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LPC: Valeant pays up for flexibility

NEW YORK, March 30 (Reuters) - Valeant Pharmaceuticals International is offering to increase by 50 basis points the interest rate it pays to loan lenders if they agree to relax covenants and waive potential defaults on its financing, according to sources familiar with the discussion.

By paying up on its loans, the drugmaker is seeking to stave off defaults on its more than US$30bn of debt after it missed the filing deadline for its regulatory financial forms on March 15.

The company is also offering an extra 50 basis points fee on committed loan amounts to lenders that approve the changes, the sources said.

Holders of more than 50% of the company’s loans need to approve the amendment. Lenders must let Barclays know by April 6 if they will agree to the changes, sources said.

The company said Wednesday that it is seeking to extend the deadline for filing its Form 10-K to May 31 and push forward the limit to file its Form 10-Q for the quarter ending March 31 to July 31, according to a news release Wednesday. The proposal would also waive any cross-default to Valeant’s indentures that arose when the 10-K was not filed in mid-March.

Valeant said earlier this month that it would request a waiver from its loan lenders to extend the deadlines to file its Form 10-K for December 31, 2015 and its Form 10-Q for the quarter ended March 31, 2016, according to a March 21 news release.

If Valeant needs an additional extension to July 31 to file its 10-K, it will pay lenders another 25 basis point fee.

The company is also asking lenders to modify the interest coverage maintenance covenant and some financial definitions to allow for additional cushion on the covenants in its credit agreement, according to the news release Wednesday.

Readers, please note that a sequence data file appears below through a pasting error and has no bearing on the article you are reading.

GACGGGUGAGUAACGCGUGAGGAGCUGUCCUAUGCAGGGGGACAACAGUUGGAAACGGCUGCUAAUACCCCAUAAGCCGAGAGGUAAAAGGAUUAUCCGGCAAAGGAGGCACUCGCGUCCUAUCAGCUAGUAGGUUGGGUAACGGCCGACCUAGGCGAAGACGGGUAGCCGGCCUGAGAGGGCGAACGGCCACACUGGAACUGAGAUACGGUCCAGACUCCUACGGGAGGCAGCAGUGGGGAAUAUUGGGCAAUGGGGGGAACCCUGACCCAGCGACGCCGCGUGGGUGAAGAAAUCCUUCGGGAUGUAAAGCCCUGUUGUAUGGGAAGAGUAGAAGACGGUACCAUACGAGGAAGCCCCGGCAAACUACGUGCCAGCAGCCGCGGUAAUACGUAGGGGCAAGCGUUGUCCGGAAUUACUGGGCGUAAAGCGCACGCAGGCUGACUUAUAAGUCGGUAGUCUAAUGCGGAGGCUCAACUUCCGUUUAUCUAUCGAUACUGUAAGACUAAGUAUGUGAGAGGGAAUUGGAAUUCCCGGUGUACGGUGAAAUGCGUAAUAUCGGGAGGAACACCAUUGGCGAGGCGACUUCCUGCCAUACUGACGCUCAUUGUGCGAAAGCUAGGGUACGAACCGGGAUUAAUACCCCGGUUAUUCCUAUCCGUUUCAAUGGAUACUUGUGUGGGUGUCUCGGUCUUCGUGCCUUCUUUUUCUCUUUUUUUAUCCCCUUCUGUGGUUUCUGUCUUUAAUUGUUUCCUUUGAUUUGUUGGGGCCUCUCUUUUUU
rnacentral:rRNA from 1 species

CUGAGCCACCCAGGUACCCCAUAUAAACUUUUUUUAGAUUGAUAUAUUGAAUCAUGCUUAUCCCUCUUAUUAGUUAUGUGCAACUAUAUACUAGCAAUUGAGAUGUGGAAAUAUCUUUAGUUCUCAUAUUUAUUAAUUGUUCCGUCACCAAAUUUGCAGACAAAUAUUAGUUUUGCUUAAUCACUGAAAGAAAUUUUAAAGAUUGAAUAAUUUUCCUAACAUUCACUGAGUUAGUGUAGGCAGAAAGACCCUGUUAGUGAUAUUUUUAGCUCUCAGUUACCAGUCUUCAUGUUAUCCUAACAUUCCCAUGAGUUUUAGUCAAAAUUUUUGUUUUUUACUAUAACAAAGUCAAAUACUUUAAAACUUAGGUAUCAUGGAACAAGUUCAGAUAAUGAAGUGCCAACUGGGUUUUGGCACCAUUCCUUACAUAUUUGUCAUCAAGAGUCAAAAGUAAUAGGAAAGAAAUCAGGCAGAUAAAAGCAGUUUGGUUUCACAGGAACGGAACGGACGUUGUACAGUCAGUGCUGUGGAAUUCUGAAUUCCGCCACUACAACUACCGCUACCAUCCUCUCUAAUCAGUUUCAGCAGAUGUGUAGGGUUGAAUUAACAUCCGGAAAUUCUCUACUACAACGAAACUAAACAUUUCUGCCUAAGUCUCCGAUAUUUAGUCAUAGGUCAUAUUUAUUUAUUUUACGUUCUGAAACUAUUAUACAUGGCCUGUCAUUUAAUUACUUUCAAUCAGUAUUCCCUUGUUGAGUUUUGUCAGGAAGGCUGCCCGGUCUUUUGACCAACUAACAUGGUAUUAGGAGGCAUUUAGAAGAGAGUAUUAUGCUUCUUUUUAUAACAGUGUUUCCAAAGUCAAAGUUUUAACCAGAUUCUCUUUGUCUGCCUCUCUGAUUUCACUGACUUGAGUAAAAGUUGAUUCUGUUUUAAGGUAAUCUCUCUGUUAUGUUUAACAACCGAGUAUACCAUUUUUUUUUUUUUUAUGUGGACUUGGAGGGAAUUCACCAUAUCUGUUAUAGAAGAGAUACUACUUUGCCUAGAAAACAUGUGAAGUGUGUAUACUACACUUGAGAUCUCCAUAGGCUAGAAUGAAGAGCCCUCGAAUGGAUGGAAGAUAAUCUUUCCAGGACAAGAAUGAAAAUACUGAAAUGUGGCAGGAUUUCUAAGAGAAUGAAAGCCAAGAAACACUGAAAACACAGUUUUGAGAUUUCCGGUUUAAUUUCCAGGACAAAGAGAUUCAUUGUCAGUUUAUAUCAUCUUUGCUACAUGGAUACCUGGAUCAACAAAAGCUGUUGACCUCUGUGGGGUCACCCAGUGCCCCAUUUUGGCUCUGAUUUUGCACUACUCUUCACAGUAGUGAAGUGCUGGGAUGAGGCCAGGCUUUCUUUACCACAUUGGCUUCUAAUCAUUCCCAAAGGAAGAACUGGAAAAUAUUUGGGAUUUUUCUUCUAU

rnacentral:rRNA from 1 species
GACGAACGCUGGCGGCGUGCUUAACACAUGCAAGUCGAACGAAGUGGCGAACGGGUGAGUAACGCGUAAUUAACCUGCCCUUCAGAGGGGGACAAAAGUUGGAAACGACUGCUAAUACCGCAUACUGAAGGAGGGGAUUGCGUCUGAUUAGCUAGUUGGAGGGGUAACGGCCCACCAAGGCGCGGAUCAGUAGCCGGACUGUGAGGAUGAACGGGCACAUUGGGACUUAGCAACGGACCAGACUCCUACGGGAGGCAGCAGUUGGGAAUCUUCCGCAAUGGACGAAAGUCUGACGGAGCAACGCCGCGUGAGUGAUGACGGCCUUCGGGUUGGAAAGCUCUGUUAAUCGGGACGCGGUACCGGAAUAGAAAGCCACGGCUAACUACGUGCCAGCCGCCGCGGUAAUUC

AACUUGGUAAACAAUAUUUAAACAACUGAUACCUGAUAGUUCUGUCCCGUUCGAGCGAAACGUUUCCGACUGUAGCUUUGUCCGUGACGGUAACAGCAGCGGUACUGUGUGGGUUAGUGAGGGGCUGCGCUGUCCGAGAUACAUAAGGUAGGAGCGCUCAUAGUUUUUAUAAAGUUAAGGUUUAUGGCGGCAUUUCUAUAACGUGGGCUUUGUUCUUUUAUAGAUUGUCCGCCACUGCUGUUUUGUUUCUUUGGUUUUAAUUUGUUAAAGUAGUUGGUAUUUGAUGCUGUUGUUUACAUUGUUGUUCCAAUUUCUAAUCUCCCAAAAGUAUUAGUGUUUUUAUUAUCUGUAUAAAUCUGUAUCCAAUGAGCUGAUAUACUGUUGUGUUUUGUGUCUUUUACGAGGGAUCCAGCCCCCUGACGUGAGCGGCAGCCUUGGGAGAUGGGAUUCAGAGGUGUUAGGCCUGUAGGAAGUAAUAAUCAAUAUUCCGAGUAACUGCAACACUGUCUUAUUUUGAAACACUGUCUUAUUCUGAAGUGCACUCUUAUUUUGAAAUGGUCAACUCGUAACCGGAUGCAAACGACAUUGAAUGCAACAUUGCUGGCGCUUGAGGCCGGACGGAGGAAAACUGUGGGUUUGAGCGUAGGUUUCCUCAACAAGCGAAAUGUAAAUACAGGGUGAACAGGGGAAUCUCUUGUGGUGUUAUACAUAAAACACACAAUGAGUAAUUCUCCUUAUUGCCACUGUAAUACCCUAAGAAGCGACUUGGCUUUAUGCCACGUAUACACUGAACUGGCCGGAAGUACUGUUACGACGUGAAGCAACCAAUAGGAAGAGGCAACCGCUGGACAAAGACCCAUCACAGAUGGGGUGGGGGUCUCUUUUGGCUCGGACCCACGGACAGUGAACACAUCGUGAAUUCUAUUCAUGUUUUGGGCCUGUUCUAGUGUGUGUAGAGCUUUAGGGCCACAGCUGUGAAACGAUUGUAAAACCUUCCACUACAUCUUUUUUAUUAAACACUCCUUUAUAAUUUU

The proposed amendment would restrict the company’s ability to make certain acquisitions and would also require it to apply “substantially all net asset sale proceeds” to prepay its term loans, according to the news release.

If the company satisfies its reporting requirements and its debt compared to earnings before interest, taxes, depreciation and amortization (Ebitda) falls below 5.25 times, the interest payment to lenders would step back down to the original rate, sources said.

Leverage was about 5.8 times at the end of 2015, Linda LaGorga, Valeant treasurer, said on a March 15 conference call. The company expects net leverage to be about 5 times by the end of 2016, according to a transcript of the call.

Lenders must let Barclays know by April 6 if they will agree to the changes, sources said.

A Barclays spokesman declined to comment. A Valeant spokeswoman didn’t immediately return a telephone call seeking comment.

At the end of 2015, Valeant had a US$250m revolving line of credit; a US$140.4m A-1 term loan A; a US$137.3m A-2 term loan A; a US$1.88bn A-3 term loan A; a US$951.3m A-4 term loan A; a US$1.09bn D-2 term loan B; a US$835.1m C-2 term loan B; a US$2.53bn E-1 term loan B; and a US$4.06bn Series F term loan B, according to a March 15 news release. The company also had US$19.2b of senior notes. (Reporting by Kristen Haunss; Editing By Michelle Sierra)